Saturday, June 26, 2010

Putting My Mat Next to Hers: The Mother and Daughter Yoga Mala

I celebrated the summer solstice by completing a yoga mala, a practice named for the string of prayer beads used in many Eastern traditions. The mala, usually practiced during solstices or the New Year, consists of 108 sun salutations, one for each of the beads on the string.

One. Hundred. And. Eight.

It took me a few days to write this blog this because I couldn’t lift my hands to reach the keyboard until today. Also, all my meals have been eaten over the sink, since I’m declining to make that long reach for plates on a shelf that’s suddenly too high for my whimpering biceps.

But really, I’m fine.

The best part of the practice was that my 15-year-old daughter, Emma, did it with me. I was conducting my usual mombabble the night before: I’mdoingthemala tomorrow BLAH BLAH BLAH [insert the sound of Charlie Brown adults here], when I heard myself saying that the mala was good luck for the season ahead, and that many people said it was yoga magic. Turns out I had her at “good luck.” She was dressed and ready to go at 6 a.m. the next day, a gloriously sleep-in-able summer morning. I wondered if she were the only teen awake at that hour in the entire Twin Cities.

We arrived at the yoga studio. It’s a sacred place for me, a location that has offered safety, wisdom and great leaps of growth over the years. I love Tarana the way ten-year-olds still fiercely love their threadbare stuffed animals of babyhood. Emma’s impression? Not so much. Its pumpkin patch sincerity was lost on her, and she blasted off a series of fish eye signals, quickly letting me know that this joint was too smelly, too hot and entirely too full of saggy, lumpy grownups. I closed my eyes, made a mudra and thought about how the Buddha never had teenagers.

The instructor suggested that we form a circle shape. She called it a mandala, but I knew it from kindergarten days as “a big cherry pie.” She talked about how this shape was conducive to mutual support, allowing us to draw upon the energy of our neighbors during the practice.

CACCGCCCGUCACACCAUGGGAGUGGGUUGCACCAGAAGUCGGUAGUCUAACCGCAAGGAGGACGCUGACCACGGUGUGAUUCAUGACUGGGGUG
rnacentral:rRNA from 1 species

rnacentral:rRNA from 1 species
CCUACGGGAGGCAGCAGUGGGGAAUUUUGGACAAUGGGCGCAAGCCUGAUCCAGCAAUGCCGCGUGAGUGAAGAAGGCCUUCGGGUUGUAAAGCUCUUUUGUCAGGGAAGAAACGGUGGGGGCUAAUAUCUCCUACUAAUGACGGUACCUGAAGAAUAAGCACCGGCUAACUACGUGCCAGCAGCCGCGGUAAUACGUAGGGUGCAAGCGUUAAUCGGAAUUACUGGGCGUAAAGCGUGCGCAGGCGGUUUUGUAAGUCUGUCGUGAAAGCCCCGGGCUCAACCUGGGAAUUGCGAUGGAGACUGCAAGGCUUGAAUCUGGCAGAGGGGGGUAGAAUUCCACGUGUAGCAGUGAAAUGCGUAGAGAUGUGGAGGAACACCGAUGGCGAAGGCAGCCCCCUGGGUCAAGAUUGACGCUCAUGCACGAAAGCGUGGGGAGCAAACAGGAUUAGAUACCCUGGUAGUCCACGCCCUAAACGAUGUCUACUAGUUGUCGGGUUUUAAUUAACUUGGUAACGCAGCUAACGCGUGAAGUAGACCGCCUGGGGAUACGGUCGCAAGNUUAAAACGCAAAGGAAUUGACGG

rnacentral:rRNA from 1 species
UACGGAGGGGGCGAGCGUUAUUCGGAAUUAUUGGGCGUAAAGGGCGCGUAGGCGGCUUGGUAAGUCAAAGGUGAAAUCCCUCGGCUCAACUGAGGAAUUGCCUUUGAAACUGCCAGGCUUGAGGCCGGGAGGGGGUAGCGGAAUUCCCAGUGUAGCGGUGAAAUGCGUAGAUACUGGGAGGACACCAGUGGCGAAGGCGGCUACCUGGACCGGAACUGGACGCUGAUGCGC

That’s when I knew I’d be able to complete every last one of those one oh eight salutes, because my mat was next to the world’s single greatest renewable energy source, Emma Bao Wei.

We got started. One sun salutation. Two sun salutations. I thought about how someone needed to write the yoga equivalent of Ninety Nine Bottles of Beer On The Wall for malas.

I tried very hard to Stay on My Mat during the practice, and not get all Mommyish on her when she sat one out in child’s pose. But I felt her; oh man, did I feel her. There is no way to be close to Emma and not know she’s there.

Fifty sun salutations. Fifty one sun salutations.

She was still generating power. Her energy pummels me into submission on a regular basis, but today I was using it to push my ancient keister over the finish line. She dragged me along with her, as I’m sure she feels she’s been doing for quite some time now.

One hundred and seven salutations. One hundred and eight sun salutations. If the instructor had said, “Let’s do one more for good luck,” the class would have risen up and rolled her in her own yoga mat. We were done.

I looked over at Emma. She raised an ironic eyebrow and wiped her beautiful brow. She, as always, was ready for more.

Today, June 26, is the fifteenth anniversary of the day Emma was first placed in my arms. It was another hot, stuffy and magic-filled room, just 6,950 miles away from the yoga studio where we finished our mala together. I remember how light she was when I held her. And how heavy. For someone who had the weight and volume of a loaf of Wonder Bread, she also seemed to contain quite of few of Mr. Whitman’s multitudes, perhaps several more than the average person.

I remember looking in her eyes. I thought it was me who was was assessing her, but I realize now that she was also completing a good once-over. The look I got back from those dark, dark eyes was steady and strong. “This chick isn’t much,” it said, “but I think I can make it work.” She’s been doing her best these past fifteen years, dragging me along toward the places she knows she wants to go, pushing me over the finish line by dint of her endless power and unfailing tenacity.

I knew I loved her from the first moment I held her. And the more I’ve gotten to know her, the more I’ve realized that she will always be essentially un-holdable. This is a person who will power the world someday, and I’m just lucky enough to have had my mat next to hers for these past fifteen years.

I love you, Emma. Happy Adoption Day.


  1. First, I teared up at Toy Story 3 -- now this. It's been one hell of an emotional roller coaster this week.

    But seriously, Jules... not only heartfelt, but beautifully written. (You should think about writing for a living....) Thanks for sharing.

    Oh -- and Happy Adoption Day, Demanda.

    - Uncle Joel

  2. Very adorable. I love that you two shared that together. (And yes, she was likely THE only teen (or perhaps 20-something) awake and dressed to stretch at such an hour :)